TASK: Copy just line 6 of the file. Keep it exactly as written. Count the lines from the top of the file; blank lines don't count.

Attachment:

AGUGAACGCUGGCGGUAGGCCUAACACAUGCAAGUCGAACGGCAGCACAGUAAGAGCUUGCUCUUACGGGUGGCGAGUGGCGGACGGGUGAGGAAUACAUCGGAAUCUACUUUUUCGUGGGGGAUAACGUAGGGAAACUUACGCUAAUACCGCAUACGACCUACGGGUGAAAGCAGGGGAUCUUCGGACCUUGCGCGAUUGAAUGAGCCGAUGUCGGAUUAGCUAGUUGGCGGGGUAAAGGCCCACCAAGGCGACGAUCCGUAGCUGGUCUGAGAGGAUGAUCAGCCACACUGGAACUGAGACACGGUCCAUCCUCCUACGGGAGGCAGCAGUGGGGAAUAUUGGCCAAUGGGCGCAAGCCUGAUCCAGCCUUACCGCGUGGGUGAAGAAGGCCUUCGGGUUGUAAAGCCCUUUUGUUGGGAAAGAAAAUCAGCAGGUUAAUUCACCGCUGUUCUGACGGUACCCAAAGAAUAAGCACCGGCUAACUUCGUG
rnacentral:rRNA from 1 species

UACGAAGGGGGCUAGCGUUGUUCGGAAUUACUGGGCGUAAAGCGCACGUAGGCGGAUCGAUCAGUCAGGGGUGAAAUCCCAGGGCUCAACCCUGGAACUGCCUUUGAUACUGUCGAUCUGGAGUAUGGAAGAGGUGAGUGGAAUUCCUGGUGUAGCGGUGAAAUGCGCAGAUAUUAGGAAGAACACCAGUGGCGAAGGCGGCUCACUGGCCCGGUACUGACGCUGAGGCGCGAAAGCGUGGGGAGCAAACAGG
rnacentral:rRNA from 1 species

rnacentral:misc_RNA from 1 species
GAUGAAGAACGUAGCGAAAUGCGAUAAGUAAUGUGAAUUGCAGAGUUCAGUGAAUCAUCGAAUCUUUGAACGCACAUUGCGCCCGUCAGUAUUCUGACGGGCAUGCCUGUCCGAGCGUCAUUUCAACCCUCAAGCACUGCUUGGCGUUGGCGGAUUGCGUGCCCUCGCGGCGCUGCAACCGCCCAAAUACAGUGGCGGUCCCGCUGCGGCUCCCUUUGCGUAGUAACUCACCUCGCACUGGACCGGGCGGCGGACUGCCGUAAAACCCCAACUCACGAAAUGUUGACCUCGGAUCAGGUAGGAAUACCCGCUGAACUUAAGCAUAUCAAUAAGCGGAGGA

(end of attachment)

GAUGAAGAACGUAGCGAAAUGCGAUAAGUAAUGUGAAUUGCAGAGUUCAGUGAAUCAUCGAAUCUUUGAACGCACAUUGCGCCCGUCAGUAUUCUGACGGGCAUGCCUGUCCGAGCGUCAUUUCAACCCUCAAGCACUGCUUGGCGUUGGCGGAUUGCGUGCCCUCGCGGCGCUGCAACCGCCCAAAUACAGUGGCGGUCCCGCUGCGGCUCCCUUUGCGUAGUAACUCACCUCGCACUGGACCGGGCGGCGGACUGCCGUAAAACCCCAACUCACGAAAUGUUGACCUCGGAUCAGGUAGGAAUACCCGCUGAACUUAAGCAUAUCAAUAAGCGGAGGA